Thursday, October 21, 2010

Congressional District One debate on public broadcast stations

On Friday night Republican challenger Jon Barela and Democratic incumbent Martin Heinrich squared off in a debate moderated by Sam Donaldson, hosted in the studios of KNME, and organized by the non-partisan policy organization New Mexico First, in partnership with the state's public broadcasters. Unlike debates where time limits impose constraints on participants this forum gave candidates a chance to espouse their views on various topics.
The first question the candidates faced was “What in the way of policy and legislation would you support to provide jobs?” Both candidates agreed that the focus should be on job creation by helping small businesses, yet their definition of small business and approach in helping them differed markedly.

The question went to Heinrich first which responded by noting that when he was elected to office the U.S. was experiencing a job loss of almost 800,000 per month, which has now been arrested and for the past nine months there has been private sector job growth. He mentioned the Small Business Job Act of 2010, recently signed by President Obama, which provided $1 billion through 2,000 loans to small businesses from the Small Business Administration in the first week of its implementation and potentially would provide up to $300 billion.

Barela said that the stimulus packages had not created jobs and had been a failure, they had only added to the national debt. As a small business person he said he sees health care reform, cap and trade regulation, and letting the Bush tax cuts expire as job killing measures. Private businesses are the ones that will lead us out of this recession not the government, Barela said.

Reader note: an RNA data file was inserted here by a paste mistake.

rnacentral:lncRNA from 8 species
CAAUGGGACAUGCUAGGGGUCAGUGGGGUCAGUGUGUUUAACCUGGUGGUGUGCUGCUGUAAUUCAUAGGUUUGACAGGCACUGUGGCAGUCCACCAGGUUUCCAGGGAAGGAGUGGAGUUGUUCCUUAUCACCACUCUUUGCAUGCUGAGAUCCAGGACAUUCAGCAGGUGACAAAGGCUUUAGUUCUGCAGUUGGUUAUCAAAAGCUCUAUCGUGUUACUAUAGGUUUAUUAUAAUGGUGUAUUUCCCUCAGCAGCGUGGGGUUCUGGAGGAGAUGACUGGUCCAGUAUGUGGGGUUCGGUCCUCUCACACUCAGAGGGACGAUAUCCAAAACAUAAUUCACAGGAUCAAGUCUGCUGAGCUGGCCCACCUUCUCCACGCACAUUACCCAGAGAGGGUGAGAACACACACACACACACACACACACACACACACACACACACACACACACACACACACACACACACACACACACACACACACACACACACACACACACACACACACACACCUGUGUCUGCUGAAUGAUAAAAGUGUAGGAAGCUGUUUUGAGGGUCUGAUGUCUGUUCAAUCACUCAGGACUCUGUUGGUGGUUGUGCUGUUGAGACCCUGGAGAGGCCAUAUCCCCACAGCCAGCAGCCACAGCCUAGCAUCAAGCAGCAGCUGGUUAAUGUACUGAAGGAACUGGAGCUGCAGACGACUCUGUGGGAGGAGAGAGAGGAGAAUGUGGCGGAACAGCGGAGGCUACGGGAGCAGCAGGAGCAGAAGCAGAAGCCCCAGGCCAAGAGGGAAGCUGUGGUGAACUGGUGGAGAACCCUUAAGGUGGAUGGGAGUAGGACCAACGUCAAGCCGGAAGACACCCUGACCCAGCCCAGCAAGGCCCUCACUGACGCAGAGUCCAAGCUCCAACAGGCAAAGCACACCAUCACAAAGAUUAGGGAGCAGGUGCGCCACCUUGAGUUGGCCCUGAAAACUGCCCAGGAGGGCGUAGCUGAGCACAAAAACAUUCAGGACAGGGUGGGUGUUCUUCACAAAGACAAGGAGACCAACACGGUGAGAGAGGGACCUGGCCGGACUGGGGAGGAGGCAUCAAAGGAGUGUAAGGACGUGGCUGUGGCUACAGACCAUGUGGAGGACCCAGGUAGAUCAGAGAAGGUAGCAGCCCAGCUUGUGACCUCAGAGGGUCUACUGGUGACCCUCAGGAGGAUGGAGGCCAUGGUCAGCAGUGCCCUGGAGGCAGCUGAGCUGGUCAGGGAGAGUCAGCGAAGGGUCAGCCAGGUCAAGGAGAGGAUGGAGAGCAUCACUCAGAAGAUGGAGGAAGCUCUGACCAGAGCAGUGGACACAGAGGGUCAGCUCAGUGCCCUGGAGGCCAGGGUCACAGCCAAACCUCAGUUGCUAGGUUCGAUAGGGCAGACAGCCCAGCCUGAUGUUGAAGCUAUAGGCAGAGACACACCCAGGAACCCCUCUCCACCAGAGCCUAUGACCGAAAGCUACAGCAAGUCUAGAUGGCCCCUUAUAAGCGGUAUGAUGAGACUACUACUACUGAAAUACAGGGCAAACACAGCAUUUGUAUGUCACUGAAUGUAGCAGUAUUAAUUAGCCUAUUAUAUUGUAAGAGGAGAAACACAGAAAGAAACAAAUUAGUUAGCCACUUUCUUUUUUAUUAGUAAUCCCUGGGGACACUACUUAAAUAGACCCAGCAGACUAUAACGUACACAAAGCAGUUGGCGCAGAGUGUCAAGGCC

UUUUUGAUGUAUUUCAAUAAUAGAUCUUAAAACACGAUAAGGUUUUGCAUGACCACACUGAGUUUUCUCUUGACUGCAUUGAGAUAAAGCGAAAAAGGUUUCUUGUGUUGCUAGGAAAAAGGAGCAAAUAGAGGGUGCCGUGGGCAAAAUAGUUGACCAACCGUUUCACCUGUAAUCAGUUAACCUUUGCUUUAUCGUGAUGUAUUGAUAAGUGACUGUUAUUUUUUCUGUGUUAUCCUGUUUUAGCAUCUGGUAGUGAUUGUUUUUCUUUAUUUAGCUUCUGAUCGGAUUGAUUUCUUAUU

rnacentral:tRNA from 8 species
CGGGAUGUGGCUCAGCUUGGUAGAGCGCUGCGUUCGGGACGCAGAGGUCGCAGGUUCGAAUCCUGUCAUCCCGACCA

Heinrich answering Barela said, “I think there is a difference between being a small business person and being a wealthy investor in a string of failed businesses.” The Small Business Job Act of 2010 did not add to the deficit it was paid for by closing a tax loophole that encouraged American corporations to export jobs overseas.

The candidates disagreed on what to do with the Bush tax cuts. Barela said he supported extending the tax cuts for all Americans and Heinrich prefers to extend them for those with an income of $250,000 or less while phasing them out for millionaires and billionaires.

On immigration reform and the Development, Relief and Education of Alien Minors Act also known as DREAM Act, they agreed on the need for comprehensive immigration reform. Heinrich supports the DREAM Act, while Barela opposes it in its current form.

Throughout the rest of the debate Barela continued to reiterate his points of less government intervention (except when asked about smart grid development), less government regulation, the need to rein in entitlement programs, and lower taxes. He also kept trying to associate Heinrich with House speaker Nancy Pelosi without offering any concrete examples of what he would do.

Heinrich addressed the questions with facts about what he had done or what still remains to be done.

In my opinion this debate goes to Heinrich for giving specific answers to questions that the audience had formulated over several hours of work. Barela mostly recited typical GOP talking points.